There was a project called HARP which used a large gun to shoot projectiles at 8000 miles per hour. Their record altitude was 112 miles up. http://en.wikipedia.org/wiki/Project_HARP [wikipedia.org] Given that HARP used a kludged together gun, it seems likely that they could develop a purpose built gun that would serve the purpose.

Aren't they *all* disposable?? (2, Interesting)

Anonymous Coward | more than 2 years ago | (#39363005)

Aren't *all* satellites disposable? I don't recall us going up to grab one and then re-using it.

Re:Aren't they *all* disposable?? (0)

Anonymous Coward | more than 2 years ago | (#39364363)

We used to have the technology to do that - it was called the Space Shuttle

I remember they did recover a satellite once to prove it could be done and they also did a couple of repair and maintence jobs on the Hubble.

Re:Aren't they *all* disposable?? (0)

Anonymous Coward | more than 2 years ago | (#39364425)

Nope. "Westar 6, also an HS-376 based satellite, was launched from STS-41-B on February 3, 1984, to be put into service afterward, but the perigee kick motor... failed during its approach to geosynchronous orbit.... It was retrieved on November 16, 1984, by the STS-51-A.... It was then resold to China, and relaunched on April 7, 1990, as AsiaSat 1."
But, well, yep, now that our ability to retrieve has been scuttled.

Why not a platform? (1)

Lumpy (12016) | more than 2 years ago | (#39363067)

It's not actually weaponizing space, but a platform where we have a railgun that fires 8 foot long 16" wide solid steel I beams at the earth at hypersonic velocities. If you could fling one at say 5800mph it would make a nice eco friendly way of taking out a target.

Re:Why not a platform? (0)

Anonymous Coward | more than 2 years ago | (#39366615)

How is that not weaponizing space?

you FAIL it (-1)

Anonymous Coward | more than 2 years ago | (#39363137)

0resulted in Mthe

Hit that button, bubba! (1)

NikeHerc (694644) | more than 2 years ago | (#39363343)

I can see guys getting uproariously drunk and saying, "Let's launch them suckers!" Up they go, half a million a pop, plus launch expenses.

It's about time (1)

no-body (127863) | more than 2 years ago | (#39363345)

That the whole military BS gets defunded !

Won't happen in gung-ho US.

So, learn it the hard way - get extinct!

Re:It's about time (1)

drinkypoo (153816) | more than 2 years ago | (#39364695)

On one hand, I agree with you. On another hand, it seems like the only way we're capable of going into space as a nation is to spend the money through the military. If it leads to more space development then I'm more in favor of it than a new fighter jet.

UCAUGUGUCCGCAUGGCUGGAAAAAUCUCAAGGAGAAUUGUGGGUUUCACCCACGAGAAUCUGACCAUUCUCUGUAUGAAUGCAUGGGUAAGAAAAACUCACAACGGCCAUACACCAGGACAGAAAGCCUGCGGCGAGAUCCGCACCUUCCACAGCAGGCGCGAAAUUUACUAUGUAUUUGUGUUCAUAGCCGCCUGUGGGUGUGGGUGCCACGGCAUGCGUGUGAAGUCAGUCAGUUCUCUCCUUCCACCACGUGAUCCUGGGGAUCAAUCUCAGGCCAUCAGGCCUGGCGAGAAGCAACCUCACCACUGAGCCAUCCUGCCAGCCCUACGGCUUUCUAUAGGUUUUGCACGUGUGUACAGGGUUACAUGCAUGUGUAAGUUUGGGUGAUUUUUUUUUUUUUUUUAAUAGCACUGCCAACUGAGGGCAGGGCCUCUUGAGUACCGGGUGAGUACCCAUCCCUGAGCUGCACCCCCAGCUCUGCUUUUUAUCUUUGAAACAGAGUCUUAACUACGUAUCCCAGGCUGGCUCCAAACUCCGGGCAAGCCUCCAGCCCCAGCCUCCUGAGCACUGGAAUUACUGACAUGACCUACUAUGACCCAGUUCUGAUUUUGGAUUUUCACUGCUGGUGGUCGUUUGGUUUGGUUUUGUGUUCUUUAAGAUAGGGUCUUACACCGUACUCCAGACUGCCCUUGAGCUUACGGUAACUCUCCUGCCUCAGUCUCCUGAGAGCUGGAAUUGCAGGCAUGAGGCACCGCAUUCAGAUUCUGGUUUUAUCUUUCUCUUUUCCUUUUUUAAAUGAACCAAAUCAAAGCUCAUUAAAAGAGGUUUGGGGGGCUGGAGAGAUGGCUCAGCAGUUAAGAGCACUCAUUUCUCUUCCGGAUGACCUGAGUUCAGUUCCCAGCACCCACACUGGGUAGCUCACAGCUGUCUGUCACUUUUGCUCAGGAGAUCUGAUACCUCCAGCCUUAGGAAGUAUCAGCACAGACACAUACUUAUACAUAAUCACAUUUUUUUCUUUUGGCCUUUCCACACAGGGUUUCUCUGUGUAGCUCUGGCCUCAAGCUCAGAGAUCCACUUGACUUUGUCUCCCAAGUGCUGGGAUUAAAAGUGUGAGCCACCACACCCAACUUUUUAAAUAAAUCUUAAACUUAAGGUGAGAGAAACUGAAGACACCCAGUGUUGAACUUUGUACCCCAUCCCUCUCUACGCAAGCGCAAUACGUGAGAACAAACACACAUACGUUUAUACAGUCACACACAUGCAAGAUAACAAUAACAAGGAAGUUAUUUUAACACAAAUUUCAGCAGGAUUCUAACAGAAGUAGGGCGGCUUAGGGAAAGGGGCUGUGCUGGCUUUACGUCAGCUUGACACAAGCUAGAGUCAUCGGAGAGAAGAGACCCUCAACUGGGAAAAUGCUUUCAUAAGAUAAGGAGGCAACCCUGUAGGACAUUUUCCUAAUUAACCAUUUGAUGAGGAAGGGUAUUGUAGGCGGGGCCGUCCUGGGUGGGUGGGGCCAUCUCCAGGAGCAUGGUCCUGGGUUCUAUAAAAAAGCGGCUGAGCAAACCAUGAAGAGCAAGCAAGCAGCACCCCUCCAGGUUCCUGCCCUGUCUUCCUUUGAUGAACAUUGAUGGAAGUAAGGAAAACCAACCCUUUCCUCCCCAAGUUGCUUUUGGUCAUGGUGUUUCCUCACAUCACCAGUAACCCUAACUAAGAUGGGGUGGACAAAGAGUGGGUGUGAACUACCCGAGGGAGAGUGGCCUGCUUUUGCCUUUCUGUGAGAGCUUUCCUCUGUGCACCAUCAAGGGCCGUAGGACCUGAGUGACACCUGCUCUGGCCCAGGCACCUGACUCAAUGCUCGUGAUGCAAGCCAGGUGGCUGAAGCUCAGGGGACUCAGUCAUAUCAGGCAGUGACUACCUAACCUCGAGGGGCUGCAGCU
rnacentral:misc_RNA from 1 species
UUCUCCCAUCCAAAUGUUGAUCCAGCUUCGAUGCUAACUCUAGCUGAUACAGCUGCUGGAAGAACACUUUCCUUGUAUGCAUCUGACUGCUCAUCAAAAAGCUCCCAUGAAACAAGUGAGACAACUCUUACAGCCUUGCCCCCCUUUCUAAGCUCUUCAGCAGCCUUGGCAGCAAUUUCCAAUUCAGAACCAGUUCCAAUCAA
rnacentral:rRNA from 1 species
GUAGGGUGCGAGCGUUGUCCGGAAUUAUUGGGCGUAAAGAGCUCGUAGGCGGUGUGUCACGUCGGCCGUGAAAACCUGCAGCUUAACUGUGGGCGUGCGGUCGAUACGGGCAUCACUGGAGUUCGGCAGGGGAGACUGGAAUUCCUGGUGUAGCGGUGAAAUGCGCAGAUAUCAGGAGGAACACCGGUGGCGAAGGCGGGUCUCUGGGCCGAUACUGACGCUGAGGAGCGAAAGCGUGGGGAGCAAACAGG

Re:It's about time (1)

no-body (127863) | more than 2 years ago | (#39365543)

On one hand, I agree with you. On another hand, it seems like the only way we're capable of going into space as a nation is to spend the money through the military. If it leads to more space development then I'm more in favor of it than a new fighter jet.

That's yet another strategy to distract from current burning issues:

- project into the future
- propose totally unproven technologies

burning issues:

- overpopulation (no politician is actually touching it - quite the opposite, look at US)
- sustainable human adequate economic systems - capitalism is failing 100 % and so are other's - dictatorships, monarchy and what else have you. To say, it's the least evil (capitalism) is a mediocre idea, why not pursue something which is adequate, how would it look and what would be hindering it?
- depletion of biodiversity on this planet ...

As for your longing to space - human bodies need gravity to function. Bone-density loss in space has not been solved nor radiation exposure or travel times in relation to human life spans. Totally unproven technology and unsustainable to be applied to any relevant number of individuals. Great smoke-screen though. So is the nonsense of people needing a new gadget every two years. Keeps folks happy so it seems....

Good luck! The planet itself won't mind, not the first civilization vanishing nor mass-extinction either...
If you don't see it that way, it won't matter at all

"with no logistics or maintenance costs" ???? (1)

ukemike (956477) | more than 2 years ago | (#39363487)

With a SeeMe constellation, we hope to directly support warfighters in multiple deployed overseas locations simultaneously with no logistics or maintenance costs beyond the warfighters' handhelds," said Dave Barnhart, the programme's manager.

So somehow purchasing and launching 24 new satellites every 60 to 90 days counts as "no maintenance or logistics costs." No wonder the military budget is about a trillion dollars a year. sheesh.